Album Review: Asylums – Killer Brain Waves

10/10

ASYLUMS release new track 'Missing Persons' - Listen

Of late, Southend-on-Sea, Essex is home of a growing list of musicians and bands including The Horrors, Busted(ahem), Sonny Green & Nothing but Thieves. This burgeoning seaside town has now spawned yet another noteworthy act in the form of Asylums. They have recently supported both Ash and Killing Joke on tour and having been lucky enough to catch them live last year supporting another act (no names mentioned) whom they totally eclipsed, I have been watching the quartet with interest and they have borne some brilliant musical fruit in the last year. Now capping this off with their début album, Killer Brain Waves out on 29th July which is killer indeed!

The band consists of Luke Branch (vocals and guitar), Jazz Miell (guitar), Michael Webster (bass) and Henry Tyler (drums) and together they produce the most individual guitar rock sound I’ve had the pleasure of listening to in years. It’s a collection of high energy guitar and drums, with lyrical witticisms that are a no-holds barred social documentary for the millennial generation. They kind of remind me of Blur who hit the scene from the same county and with the same level of enthusiasm and lyricism in the 90’s. Their style is fuzzed up, melodic and chart friendly, but left of the mainstream much like many of the great pop-punk bands from the late 90’s and early noughties. There are many elements of their tracks that feel familiar and make me feel nostalgic for the likes of Blink-182, Sum 41 and even Bowling for Soup, yet their tongue-in-cheek style is underpinned by a more serious edge. For example, the lyrics are often about serious social issues rather than being puerile or political and there’s even a bass line lodged in there somewhere that reminded me of The Cure…

The album is so fast paced that aside the choruses, it takes a few listens to pick out the lyrics, but as many of their song titles suggest, there’s some real gems in there when you get to grips with the verses. Taking the example of The Death Of Television, opening with a sound-bite and a cow bell in their typical fast pace has a chanted verse about the saturation of information on the internet “Question what you see not what you feel (turn off the television) / They’ll cut of my head for what I steal (I found it on the internet)”. It’s the shortest but most ferocious track on the album with the only notable exception of closer Slacker Shopper which is delivered with equal ferocity. The chorus of opener Second Class Sex Reject a Second Class Sex also tackles a poignant issue in modern culture (one to deep to discuss in my review but you get the point).There are other, poignant observations at todays society throughout but again, I won’t dwell on them here, you should have a listen for yourselves while I gleefully sing and dance along to the album like a total idiot!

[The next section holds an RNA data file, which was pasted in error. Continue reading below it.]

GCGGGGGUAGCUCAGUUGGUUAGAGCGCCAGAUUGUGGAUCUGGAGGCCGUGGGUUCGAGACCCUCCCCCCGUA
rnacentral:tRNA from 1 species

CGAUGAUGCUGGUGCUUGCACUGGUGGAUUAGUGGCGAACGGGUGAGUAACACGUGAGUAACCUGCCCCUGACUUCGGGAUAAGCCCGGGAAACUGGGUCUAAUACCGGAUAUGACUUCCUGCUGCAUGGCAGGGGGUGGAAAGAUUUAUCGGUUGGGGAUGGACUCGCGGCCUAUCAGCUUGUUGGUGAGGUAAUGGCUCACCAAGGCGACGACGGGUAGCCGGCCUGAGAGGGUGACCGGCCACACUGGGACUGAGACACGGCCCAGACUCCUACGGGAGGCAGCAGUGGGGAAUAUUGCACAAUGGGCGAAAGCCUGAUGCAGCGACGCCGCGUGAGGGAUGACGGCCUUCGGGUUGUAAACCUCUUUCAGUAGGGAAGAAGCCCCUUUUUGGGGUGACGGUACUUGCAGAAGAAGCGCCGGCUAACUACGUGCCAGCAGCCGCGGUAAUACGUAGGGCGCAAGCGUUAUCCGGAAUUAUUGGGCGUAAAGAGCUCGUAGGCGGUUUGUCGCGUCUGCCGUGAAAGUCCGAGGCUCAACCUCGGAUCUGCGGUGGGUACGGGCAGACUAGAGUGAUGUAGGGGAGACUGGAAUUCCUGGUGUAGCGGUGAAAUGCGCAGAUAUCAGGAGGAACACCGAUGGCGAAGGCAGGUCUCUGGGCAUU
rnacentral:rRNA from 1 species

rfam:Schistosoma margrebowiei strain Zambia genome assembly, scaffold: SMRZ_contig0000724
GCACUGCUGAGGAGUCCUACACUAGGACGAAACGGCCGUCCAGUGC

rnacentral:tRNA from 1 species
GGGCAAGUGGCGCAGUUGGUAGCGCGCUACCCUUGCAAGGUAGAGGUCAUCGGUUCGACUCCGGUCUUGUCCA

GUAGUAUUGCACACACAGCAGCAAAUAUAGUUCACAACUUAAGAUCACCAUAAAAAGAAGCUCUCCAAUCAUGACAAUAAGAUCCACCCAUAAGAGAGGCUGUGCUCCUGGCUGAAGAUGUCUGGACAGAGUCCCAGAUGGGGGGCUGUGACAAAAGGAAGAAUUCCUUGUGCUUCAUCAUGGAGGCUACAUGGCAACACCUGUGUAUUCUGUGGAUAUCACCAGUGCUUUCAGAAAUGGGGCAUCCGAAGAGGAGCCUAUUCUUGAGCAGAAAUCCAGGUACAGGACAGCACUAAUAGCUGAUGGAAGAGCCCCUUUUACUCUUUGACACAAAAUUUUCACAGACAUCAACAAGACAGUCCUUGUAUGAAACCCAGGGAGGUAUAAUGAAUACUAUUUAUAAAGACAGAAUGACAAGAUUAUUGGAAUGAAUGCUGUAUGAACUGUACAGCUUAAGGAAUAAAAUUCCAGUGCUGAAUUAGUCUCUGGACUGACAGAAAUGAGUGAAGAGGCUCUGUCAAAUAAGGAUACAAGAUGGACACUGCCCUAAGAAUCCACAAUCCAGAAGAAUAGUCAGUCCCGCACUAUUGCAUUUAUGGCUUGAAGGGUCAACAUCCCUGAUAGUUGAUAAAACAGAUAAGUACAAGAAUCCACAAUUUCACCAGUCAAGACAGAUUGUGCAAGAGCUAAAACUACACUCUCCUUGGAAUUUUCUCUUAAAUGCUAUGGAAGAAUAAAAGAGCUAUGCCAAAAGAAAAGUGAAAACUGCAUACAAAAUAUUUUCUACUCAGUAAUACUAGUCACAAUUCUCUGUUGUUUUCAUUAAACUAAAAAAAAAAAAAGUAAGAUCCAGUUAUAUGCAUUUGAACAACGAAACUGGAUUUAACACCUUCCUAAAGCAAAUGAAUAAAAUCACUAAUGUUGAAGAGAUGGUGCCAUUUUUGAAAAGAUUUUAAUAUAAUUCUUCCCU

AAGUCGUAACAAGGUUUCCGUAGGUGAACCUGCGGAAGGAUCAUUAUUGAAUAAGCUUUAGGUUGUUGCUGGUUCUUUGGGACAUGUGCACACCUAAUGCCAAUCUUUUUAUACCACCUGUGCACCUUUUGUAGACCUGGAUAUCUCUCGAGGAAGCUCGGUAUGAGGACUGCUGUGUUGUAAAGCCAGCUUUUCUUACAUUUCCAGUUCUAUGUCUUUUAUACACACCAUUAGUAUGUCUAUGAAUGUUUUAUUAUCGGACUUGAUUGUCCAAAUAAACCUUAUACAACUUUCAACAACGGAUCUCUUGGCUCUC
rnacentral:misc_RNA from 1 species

Overall the album is the better part of 40 minutes of blistering sub-pop-punk that deserves your full attention and it suffices to say that I enjoyed this a lot, so much that I, uncharacteristically for a début album, pre-ordered the vinyl. Killer Brain Waves is therefore quite deserving then of my first ever full marks rating – 10/10. Keep up the good work gents and I look forward to catching Asylums live again soon.

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